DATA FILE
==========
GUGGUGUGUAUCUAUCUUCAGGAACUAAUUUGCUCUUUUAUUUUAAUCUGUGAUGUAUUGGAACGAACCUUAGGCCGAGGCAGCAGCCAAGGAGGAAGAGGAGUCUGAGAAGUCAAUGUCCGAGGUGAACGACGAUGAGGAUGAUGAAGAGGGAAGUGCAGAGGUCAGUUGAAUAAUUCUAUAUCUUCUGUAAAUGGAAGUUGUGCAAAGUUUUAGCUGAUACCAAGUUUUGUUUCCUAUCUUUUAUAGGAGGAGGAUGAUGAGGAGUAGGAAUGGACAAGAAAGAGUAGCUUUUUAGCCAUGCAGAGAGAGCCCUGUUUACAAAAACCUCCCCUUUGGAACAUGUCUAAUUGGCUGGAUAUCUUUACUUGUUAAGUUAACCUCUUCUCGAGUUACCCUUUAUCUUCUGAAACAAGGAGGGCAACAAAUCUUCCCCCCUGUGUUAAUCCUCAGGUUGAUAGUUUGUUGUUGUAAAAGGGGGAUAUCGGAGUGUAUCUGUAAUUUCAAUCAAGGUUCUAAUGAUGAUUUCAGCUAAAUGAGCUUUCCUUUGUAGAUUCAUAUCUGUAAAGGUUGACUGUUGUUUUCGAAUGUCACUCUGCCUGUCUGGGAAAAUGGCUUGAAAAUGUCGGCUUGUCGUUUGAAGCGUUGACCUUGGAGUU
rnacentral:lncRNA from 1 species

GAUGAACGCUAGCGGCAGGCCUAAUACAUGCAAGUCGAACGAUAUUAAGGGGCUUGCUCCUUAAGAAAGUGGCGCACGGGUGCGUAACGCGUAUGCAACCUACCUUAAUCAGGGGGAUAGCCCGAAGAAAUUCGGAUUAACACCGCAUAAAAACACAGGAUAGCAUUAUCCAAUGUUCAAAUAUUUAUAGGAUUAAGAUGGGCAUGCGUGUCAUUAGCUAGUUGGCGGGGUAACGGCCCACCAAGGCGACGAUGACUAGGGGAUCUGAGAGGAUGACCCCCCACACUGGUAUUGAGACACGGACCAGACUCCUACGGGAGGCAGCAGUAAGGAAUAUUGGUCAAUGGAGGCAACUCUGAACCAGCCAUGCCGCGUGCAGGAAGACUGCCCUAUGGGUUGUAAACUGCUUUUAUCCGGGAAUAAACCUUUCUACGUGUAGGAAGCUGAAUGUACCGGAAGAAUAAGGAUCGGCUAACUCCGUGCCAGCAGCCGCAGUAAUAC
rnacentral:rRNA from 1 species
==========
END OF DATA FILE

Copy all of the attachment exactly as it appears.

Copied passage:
GUGGUGUGUAUCUAUCUUCAGGAACUAAUUUGCUCUUUUAUUUUAAUCUGUGAUGUAUUGGAACGAACCUUAGGCCGAGGCAGCAGCCAAGGAGGAAGAGGAGUCUGAGAAGUCAAUGUCCGAGGUGAACGACGAUGAGGAUGAUGAAGAGGGAAGUGCAGAGGUCAGUUGAAUAAUUCUAUAUCUUCUGUAAAUGGAAGUUGUGCAAAGUUUUAGCUGAUACCAAGUUUUGUUUCCUAUCUUUUAUAGGAGGAGGAUGAUGAGGAGUAGGAAUGGACAAGAAAGAGUAGCUUUUUAGCCAUGCAGAGAGAGCCCUGUUUACAAAAACCUCCCCUUUGGAACAUGUCUAAUUGGCUGGAUAUCUUUACUUGUUAAGUUAACCUCUUCUCGAGUUACCCUUUAUCUUCUGAAACAAGGAGGGCAACAAAUCUUCCCCCCUGUGUUAAUCCUCAGGUUGAUAGUUUGUUGUUGUAAAAGGGGGAUAUCGGAGUGUAUCUGUAAUUUCAAUCAAGGUUCUAAUGAUGAUUUCAGCUAAAUGAGCUUUCCUUUGUAGAUUCAUAUCUGUAAAGGUUGACUGUUGUUUUCGAAUGUCACUCUGCCUGUCUGGGAAAAUGGCUUGAAAAUGUCGGCUUGUCGUUUGAAGCGUUGACCUUGGAGUU
rnacentral:lncRNA from 1 species

GAUGAACGCUAGCGGCAGGCCUAAUACAUGCAAGUCGAACGAUAUUAAGGGGCUUGCUCCUUAAGAAAGUGGCGCACGGGUGCGUAACGCGUAUGCAACCUACCUUAAUCAGGGGGAUAGCCCGAAGAAAUUCGGAUUAACACCGCAUAAAAACACAGGAUAGCAUUAUCCAAUGUUCAAAUAUUUAUAGGAUUAAGAUGGGCAUGCGUGUCAUUAGCUAGUUGGCGGGGUAACGGCCCACCAAGGCGACGAUGACUAGGGGAUCUGAGAGGAUGACCCCCCACACUGGUAUUGAGACACGGACCAGACUCCUACGGGAGGCAGCAGUAAGGAAUAUUGGUCAAUGGAGGCAACUCUGAACCAGCCAUGCCGCGUGCAGGAAGACUGCCCUAUGGGUUGUAAACUGCUUUUAUCCGGGAAUAAACCUUUCUACGUGUAGGAAGCUGAAUGUACCGGAAGAAUAAGGAUCGGCUAACUCCGUGCCAGCAGCCGCAGUAAUAC
rnacentral:rRNA from 1 species